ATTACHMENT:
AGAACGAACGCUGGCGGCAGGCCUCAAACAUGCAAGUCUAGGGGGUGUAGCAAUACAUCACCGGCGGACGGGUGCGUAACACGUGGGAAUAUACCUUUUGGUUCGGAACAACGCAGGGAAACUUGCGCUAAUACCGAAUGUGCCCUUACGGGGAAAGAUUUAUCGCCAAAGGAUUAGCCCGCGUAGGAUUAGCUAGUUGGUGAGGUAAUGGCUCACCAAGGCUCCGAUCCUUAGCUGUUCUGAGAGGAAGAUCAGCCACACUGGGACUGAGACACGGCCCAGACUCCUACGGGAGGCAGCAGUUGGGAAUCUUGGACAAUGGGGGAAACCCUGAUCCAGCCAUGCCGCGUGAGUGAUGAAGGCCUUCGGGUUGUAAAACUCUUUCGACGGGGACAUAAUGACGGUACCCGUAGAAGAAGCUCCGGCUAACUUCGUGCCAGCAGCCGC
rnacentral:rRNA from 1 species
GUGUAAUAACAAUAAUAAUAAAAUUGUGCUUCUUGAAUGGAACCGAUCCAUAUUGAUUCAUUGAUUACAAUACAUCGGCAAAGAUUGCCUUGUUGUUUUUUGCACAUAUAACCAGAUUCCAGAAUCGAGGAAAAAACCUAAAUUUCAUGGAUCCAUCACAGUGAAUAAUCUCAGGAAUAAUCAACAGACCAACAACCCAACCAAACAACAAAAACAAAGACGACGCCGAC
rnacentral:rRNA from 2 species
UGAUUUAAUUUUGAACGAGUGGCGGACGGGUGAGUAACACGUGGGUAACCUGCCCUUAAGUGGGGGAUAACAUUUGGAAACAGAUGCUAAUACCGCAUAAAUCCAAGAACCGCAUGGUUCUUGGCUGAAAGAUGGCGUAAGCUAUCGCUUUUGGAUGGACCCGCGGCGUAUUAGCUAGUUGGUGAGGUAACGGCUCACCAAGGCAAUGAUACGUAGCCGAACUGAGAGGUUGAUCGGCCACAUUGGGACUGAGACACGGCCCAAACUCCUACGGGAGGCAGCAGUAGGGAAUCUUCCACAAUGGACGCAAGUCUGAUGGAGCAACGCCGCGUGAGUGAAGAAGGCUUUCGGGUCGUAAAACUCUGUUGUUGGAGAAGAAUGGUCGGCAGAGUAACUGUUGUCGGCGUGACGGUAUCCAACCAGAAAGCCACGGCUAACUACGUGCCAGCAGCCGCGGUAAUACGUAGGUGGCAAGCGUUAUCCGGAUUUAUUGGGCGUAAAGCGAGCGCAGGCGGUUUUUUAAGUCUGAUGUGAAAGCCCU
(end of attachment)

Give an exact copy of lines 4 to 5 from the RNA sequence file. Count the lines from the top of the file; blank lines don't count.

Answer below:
rnacentral:rRNA from 2 species
UGAUUUAAUUUUGAACGAGUGGCGGACGGGUGAGUAACACGUGGGUAACCUGCCCUUAAGUGGGGGAUAACAUUUGGAAACAGAUGCUAAUACCGCAUAAAUCCAAGAACCGCAUGGUUCUUGGCUGAAAGAUGGCGUAAGCUAUCGCUUUUGGAUGGACCCGCGGCGUAUUAGCUAGUUGGUGAGGUAACGGCUCACCAAGGCAAUGAUACGUAGCCGAACUGAGAGGUUGAUCGGCCACAUUGGGACUGAGACACGGCCCAAACUCCUACGGGAGGCAGCAGUAGGGAAUCUUCCACAAUGGACGCAAGUCUGAUGGAGCAACGCCGCGUGAGUGAAGAAGGCUUUCGGGUCGUAAAACUCUGUUGUUGGAGAAGAAUGGUCGGCAGAGUAACUGUUGUCGGCGUGACGGUAUCCAACCAGAAAGCCACGGCUAACUACGUGCCAGCAGCCGCGGUAAUACGUAGGUGGCAAGCGUUAUCCGGAUUUAUUGGGCGUAAAGCGAGCGCAGGCGGUUUUUUAAGUCUGAUGUGAAAGCCCU